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  1. #1
    Join Date
    Dec. 19, 2005

    Default Spinoff: What did you talk about before Marriage?

    This is a spinoff of the thread about Married couples and how they work their bank accounts and funds. SO and I have talked about marriage but there are still a lot of things we need to discuss I think (kids, money, religion).

    What did you make sure you talked about with your SO before you got married? What do you wish you had talked about (and didn't) before you got married?

  2. #2
    Join Date
    May. 6, 2003


    Kids. We weren't planning to have any. Oops. This has to be one of the biggest things you should talk about -- there's really no way to compromise on this.

    Money. We both earn, put into one pot, and I manage.

    How we would handle our career situations (his requires a lot of moving, which isn't so great for mine).

    Expectations related to keeping our house (inside and outside) and who would do what. (I cook, he cleans the kitchen. He does grocery shopping off of a list I make. I do laundry, he helps fold and put away. We both clean the house, do yard work, take care of the dogs).

    I'm sure there are other things, but those were the big ones. You'd be surprised how the little day to day stuff becomes the most complicated to handle.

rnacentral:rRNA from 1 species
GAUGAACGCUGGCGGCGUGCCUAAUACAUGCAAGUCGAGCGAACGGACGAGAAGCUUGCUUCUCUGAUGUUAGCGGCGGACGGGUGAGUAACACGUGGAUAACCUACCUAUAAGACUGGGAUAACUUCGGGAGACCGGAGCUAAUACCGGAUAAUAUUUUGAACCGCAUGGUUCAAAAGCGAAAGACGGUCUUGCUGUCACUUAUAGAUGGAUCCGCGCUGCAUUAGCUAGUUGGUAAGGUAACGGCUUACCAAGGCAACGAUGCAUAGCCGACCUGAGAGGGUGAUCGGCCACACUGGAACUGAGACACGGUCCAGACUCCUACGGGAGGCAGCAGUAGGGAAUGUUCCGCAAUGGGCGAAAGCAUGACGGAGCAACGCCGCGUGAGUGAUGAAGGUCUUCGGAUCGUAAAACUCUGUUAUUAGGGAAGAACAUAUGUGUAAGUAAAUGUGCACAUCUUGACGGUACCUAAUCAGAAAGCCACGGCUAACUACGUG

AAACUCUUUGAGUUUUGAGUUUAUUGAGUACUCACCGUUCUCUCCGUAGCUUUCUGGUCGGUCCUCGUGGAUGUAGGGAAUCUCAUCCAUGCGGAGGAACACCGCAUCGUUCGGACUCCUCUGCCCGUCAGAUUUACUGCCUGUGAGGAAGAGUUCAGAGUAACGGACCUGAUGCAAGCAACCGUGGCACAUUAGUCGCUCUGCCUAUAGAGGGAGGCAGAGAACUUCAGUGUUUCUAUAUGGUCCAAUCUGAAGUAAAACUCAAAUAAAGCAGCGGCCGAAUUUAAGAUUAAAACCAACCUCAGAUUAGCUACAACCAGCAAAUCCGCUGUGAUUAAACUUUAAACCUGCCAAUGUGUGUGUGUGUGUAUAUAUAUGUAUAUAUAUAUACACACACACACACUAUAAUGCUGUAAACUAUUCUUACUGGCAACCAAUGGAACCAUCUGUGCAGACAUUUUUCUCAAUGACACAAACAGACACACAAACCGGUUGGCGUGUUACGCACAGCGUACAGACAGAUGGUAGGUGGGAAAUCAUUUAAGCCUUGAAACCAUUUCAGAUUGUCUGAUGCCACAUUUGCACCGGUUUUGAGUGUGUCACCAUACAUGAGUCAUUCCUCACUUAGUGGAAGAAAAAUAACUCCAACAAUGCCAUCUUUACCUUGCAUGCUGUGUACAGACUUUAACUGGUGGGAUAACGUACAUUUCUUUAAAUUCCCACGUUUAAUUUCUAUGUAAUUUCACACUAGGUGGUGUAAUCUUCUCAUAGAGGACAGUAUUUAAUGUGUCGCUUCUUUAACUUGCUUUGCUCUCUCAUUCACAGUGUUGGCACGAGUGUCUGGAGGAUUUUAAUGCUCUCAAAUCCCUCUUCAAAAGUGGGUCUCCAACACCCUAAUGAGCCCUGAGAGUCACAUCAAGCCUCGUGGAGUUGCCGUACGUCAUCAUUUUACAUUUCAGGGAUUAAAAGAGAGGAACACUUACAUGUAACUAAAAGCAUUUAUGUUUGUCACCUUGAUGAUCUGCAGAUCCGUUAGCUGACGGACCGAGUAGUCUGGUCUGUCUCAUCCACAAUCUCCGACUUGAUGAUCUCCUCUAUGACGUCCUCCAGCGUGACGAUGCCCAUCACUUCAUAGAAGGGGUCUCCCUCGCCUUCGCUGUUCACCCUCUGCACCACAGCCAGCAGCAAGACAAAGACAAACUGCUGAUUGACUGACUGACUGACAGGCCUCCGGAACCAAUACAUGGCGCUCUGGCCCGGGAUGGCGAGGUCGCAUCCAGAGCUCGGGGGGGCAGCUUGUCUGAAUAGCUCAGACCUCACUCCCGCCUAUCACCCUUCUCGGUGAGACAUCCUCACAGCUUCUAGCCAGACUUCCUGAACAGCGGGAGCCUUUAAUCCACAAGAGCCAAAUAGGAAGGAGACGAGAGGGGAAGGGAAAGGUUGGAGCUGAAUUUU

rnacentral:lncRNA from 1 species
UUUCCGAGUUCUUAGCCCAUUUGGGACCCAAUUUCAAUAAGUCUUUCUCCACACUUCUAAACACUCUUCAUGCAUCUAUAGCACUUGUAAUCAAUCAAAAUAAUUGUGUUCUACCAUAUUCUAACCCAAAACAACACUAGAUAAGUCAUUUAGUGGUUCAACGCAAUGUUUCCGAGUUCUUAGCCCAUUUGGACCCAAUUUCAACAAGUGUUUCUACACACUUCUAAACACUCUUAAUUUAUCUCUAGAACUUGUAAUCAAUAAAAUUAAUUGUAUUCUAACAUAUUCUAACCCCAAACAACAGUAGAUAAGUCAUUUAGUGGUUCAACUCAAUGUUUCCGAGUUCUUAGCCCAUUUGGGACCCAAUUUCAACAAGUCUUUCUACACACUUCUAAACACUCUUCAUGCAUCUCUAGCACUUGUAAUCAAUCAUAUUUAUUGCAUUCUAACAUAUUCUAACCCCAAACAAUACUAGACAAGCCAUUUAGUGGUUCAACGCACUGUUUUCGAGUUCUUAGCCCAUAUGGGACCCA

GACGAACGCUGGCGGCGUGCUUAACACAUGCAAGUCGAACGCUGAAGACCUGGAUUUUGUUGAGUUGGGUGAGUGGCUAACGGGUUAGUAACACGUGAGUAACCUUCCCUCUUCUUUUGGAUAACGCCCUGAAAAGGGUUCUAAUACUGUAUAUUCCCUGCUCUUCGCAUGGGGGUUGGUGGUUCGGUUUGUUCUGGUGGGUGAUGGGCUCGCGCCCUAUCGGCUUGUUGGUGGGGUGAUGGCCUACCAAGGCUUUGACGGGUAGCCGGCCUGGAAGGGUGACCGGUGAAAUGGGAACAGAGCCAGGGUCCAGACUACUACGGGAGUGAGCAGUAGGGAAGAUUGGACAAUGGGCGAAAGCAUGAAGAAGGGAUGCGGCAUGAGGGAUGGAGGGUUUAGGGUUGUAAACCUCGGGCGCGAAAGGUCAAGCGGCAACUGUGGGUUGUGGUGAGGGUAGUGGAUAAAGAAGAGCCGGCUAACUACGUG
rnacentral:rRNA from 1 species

According to the Mayan calendar, the world will not end this week. Please plan your life accordingly.

  3. #3
    Join Date
    Oct. 3, 2007


    We talked about everything. I didn't leave a stone unturned. Right down to letting dogs sleep in the bed.

    Many churches offer pre-cana classes that will help you talk about things. And remind you of issues that you should consider.

  4. #4
    Join Date
    Apr. 28, 2008


    kids, money, religion are the big ones.

    Where you want to live -- city? rural? near family? NOT near family?

    What your goals are professionally (are they compatible? for instance, DH wanted to be a professor, I wanted to get back to living on a farm. He'd rather be in a city but we now live on a farm in a midwest college town where he is a professor)

    What your version of "having a family" is like if you want kids (will you work or stay at home? Will you split 50/50 or does mom handle most childcare while dad provides the bacon?)

    How will you handle your hobbies? (DH knew since before we dated that I will always have a horse absent unforeseen circumstances like war/nuclear disaster/etc. so that must always be in the budget. And I need enough time to ride a few times a week. I have known since early on that DH will want to spend more $$ than I would prefer on travelling. It works because we bought into it.)

    What are the families like and how will you handle them? Will you be willing to help out, financially and otherwise, if a family member needs assistance?

    What do you envision for your parents' old age and is your spouse going to be supportive? (key especially if you imagine taking a parent in)

    I could go on...note that you don't have to agree or be the same on these. Religion, for example. DH is Catholic, I am not. but he takes our kid to Mass and I go every now and then. I am supportive of his religion and he doesn't pressure me to practice it. I try to avoid overly-negative comments about Catholic Church edicts. That is comfortable for both of us.

    The devil you know, and all that.

  5. #5
    Join Date
    Feb. 17, 2009